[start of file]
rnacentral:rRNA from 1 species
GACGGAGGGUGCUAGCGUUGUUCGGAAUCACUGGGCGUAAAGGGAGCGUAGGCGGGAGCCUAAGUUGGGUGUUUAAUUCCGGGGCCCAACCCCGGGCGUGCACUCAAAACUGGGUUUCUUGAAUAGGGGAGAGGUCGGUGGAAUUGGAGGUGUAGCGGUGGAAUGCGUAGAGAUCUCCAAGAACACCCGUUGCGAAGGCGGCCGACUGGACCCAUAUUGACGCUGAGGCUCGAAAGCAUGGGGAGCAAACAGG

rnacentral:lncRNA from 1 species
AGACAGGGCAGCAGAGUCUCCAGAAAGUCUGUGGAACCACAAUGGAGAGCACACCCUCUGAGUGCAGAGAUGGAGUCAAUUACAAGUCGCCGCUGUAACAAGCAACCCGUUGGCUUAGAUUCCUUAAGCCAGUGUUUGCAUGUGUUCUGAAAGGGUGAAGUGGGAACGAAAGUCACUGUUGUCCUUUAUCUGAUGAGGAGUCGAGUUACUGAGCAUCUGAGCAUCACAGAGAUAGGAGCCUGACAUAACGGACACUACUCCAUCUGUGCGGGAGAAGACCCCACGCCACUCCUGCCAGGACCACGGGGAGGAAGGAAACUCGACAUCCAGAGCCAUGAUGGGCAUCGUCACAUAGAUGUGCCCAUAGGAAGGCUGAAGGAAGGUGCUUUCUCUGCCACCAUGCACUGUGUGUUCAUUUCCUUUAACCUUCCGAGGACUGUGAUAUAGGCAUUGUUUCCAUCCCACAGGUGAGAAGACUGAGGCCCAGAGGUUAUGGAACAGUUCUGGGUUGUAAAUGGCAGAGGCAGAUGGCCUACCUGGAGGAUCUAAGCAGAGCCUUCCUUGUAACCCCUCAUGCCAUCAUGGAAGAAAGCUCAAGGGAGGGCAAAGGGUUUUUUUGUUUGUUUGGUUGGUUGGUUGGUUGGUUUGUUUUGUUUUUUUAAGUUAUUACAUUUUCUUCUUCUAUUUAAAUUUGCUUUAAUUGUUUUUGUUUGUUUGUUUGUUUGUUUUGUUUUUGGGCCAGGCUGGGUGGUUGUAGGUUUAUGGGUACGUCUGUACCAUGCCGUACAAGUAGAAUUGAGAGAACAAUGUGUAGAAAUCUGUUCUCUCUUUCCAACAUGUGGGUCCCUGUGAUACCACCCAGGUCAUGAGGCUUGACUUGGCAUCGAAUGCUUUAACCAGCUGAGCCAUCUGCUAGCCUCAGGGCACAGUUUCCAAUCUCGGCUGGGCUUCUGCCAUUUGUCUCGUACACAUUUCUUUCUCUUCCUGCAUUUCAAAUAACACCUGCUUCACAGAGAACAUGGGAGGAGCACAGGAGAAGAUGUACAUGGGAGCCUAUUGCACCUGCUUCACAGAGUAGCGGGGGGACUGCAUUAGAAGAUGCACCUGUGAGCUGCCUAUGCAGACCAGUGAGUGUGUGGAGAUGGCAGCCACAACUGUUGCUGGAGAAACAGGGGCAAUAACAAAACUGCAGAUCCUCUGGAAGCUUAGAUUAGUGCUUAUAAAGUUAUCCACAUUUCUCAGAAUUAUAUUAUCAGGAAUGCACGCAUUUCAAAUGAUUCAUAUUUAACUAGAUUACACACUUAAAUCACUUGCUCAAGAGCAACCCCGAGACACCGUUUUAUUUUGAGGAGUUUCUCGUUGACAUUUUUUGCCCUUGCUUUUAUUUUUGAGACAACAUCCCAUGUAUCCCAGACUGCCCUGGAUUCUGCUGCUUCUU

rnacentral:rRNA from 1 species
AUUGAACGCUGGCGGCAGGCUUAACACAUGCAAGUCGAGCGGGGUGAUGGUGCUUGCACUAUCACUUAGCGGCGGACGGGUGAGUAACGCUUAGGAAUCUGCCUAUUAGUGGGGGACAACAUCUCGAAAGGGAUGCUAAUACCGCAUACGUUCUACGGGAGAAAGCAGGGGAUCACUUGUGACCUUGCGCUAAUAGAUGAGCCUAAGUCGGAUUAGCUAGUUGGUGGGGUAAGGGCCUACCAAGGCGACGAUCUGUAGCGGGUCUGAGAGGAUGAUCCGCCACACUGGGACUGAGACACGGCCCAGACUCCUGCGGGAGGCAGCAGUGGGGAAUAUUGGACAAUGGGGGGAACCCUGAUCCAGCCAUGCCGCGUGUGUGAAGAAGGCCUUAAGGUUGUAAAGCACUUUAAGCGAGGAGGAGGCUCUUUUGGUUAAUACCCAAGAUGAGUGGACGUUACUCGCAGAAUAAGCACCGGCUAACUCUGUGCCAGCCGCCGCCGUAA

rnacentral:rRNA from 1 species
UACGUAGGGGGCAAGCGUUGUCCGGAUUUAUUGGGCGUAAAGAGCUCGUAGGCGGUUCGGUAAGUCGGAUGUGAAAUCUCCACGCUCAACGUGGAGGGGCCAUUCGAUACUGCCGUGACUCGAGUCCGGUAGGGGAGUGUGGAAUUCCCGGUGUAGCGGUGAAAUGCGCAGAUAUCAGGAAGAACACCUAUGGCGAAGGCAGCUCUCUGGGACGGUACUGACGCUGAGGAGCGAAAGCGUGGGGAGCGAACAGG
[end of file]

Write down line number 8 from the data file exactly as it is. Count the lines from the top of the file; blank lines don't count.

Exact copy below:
UACGUAGGGGGCAAGCGUUGUCCGGAUUUAUUGGGCGUAAAGAGCUCGUAGGCGGUUCGGUAAGUCGGAUGUGAAAUCUCCACGCUCAACGUGGAGGGGCCAUUCGAUACUGCCGUGACUCGAGUCCGGUAGGGGAGUGUGGAAUUCCCGGUGUAGCGGUGAAAUGCGCAGAUAUCAGGAAGAACACCUAUGGCGAAGGCAGCUCUCUGGGACGGUACUGACGCUGAGGAGCGAAAGCGUGGGGAGCGAACAGG